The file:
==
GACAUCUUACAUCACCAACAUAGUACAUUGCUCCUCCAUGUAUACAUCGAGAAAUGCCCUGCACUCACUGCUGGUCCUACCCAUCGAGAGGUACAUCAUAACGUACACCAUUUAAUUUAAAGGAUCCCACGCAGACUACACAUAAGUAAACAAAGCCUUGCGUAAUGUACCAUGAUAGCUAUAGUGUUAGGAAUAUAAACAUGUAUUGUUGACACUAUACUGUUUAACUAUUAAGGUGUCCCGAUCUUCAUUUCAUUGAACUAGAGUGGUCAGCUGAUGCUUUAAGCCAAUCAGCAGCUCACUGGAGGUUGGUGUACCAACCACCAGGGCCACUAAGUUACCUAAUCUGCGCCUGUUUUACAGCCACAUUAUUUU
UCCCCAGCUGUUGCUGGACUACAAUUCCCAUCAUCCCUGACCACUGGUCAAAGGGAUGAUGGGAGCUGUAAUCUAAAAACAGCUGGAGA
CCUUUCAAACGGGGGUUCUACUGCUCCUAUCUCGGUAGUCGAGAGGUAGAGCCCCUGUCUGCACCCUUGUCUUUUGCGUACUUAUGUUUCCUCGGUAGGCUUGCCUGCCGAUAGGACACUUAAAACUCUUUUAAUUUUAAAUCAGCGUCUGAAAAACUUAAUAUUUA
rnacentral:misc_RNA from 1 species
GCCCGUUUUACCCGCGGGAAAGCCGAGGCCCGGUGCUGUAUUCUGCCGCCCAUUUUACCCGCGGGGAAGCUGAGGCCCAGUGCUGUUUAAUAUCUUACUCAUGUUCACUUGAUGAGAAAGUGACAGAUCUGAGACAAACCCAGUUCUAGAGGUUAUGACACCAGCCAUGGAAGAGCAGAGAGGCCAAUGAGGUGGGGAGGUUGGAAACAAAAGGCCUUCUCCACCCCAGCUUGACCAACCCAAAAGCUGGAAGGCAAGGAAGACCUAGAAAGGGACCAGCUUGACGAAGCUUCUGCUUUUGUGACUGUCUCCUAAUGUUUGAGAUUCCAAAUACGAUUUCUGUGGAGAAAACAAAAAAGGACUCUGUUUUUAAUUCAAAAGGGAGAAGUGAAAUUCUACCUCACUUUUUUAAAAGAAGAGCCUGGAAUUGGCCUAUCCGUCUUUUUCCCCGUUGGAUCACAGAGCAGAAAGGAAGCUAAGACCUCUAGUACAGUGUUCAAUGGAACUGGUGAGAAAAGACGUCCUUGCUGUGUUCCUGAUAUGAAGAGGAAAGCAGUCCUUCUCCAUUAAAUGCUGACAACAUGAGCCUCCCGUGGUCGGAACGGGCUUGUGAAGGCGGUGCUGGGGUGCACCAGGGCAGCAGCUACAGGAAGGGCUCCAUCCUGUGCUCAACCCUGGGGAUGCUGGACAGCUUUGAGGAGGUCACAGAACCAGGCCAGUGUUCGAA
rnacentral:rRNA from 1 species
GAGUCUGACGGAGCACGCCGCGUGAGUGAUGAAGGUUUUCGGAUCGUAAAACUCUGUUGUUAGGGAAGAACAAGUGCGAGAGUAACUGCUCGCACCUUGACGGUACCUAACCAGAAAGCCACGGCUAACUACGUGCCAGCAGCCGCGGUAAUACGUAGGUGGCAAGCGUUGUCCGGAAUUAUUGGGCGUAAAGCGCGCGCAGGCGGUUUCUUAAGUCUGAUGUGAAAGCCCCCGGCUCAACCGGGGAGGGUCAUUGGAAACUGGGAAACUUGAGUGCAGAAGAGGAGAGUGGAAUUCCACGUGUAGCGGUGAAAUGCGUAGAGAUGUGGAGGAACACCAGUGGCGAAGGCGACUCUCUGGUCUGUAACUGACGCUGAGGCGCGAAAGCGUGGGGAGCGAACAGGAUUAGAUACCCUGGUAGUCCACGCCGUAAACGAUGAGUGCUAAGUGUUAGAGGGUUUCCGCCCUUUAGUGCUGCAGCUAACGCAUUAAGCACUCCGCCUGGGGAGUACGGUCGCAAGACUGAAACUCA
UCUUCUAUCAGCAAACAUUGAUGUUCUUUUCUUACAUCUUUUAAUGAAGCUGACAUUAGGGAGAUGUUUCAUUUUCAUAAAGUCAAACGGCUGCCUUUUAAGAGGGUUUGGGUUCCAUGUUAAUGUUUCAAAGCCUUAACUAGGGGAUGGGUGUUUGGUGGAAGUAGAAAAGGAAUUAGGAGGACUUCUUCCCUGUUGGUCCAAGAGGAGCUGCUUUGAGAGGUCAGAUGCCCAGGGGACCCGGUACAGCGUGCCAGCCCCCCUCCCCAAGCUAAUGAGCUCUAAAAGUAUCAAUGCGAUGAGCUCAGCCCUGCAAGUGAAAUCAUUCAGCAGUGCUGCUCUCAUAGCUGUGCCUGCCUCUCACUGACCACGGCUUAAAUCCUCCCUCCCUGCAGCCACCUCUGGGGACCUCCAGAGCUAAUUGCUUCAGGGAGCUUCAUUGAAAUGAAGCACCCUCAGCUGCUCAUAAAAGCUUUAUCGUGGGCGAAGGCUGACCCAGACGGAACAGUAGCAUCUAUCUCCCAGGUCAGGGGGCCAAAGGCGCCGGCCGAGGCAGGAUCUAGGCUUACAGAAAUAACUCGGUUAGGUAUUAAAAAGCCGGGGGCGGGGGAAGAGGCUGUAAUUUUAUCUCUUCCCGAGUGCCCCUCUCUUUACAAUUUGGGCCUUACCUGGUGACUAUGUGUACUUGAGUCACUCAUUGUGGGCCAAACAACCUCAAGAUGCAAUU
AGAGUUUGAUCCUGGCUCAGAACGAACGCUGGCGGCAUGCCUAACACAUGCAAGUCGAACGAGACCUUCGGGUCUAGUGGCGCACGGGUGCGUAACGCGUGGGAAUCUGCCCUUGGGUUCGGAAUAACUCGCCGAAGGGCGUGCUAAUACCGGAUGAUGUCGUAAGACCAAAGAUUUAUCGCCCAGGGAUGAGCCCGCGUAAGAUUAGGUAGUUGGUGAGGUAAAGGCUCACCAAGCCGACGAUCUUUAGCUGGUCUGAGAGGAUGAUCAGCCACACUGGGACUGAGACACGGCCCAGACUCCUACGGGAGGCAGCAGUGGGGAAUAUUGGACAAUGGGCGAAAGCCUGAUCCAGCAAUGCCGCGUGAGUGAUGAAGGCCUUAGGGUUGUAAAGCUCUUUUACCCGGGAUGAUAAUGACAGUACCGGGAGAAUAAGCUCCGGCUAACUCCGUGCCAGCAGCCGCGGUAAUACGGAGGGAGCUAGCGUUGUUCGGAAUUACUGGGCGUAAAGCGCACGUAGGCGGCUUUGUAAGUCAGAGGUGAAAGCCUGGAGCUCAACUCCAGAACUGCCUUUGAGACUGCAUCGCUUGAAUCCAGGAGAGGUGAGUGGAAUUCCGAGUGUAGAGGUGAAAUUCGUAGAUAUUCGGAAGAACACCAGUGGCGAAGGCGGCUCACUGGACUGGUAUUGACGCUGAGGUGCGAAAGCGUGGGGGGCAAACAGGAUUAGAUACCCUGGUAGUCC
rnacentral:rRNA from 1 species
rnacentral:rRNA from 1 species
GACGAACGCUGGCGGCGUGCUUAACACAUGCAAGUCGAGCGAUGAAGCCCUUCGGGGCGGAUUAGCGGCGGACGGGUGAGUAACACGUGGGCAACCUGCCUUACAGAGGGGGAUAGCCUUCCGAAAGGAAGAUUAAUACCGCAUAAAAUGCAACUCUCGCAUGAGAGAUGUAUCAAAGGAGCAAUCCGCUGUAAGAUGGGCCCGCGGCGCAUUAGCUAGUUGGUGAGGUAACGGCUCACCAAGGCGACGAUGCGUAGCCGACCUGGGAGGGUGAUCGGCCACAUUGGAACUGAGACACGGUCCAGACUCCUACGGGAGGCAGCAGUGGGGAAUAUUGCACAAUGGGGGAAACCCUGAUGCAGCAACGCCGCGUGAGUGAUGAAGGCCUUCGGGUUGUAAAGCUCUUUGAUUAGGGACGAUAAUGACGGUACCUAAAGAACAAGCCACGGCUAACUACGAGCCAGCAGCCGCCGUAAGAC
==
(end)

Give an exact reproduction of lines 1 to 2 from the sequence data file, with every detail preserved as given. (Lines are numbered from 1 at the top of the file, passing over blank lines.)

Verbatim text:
GACAUCUUACAUCACCAACAUAGUACAUUGCUCCUCCAUGUAUACAUCGAGAAAUGCCCUGCACUCACUGCUGGUCCUACCCAUCGAGAGGUACAUCAUAACGUACACCAUUUAAUUUAAAGGAUCCCACGCAGACUACACAUAAGUAAACAAAGCCUUGCGUAAUGUACCAUGAUAGCUAUAGUGUUAGGAAUAUAAACAUGUAUUGUUGACACUAUACUGUUUAACUAUUAAGGUGUCCCGAUCUUCAUUUCAUUGAACUAGAGUGGUCAGCUGAUGCUUUAAGCCAAUCAGCAGCUCACUGGAGGUUGGUGUACCAACCACCAGGGCCACUAAGUUACCUAAUCUGCGCCUGUUUUACAGCCACAUUAUUUU
UCCCCAGCUGUUGCUGGACUACAAUUCCCAUCAUCCCUGACCACUGGUCAAAGGGAUGAUGGGAGCUGUAAUCUAAAAACAGCUGGAGA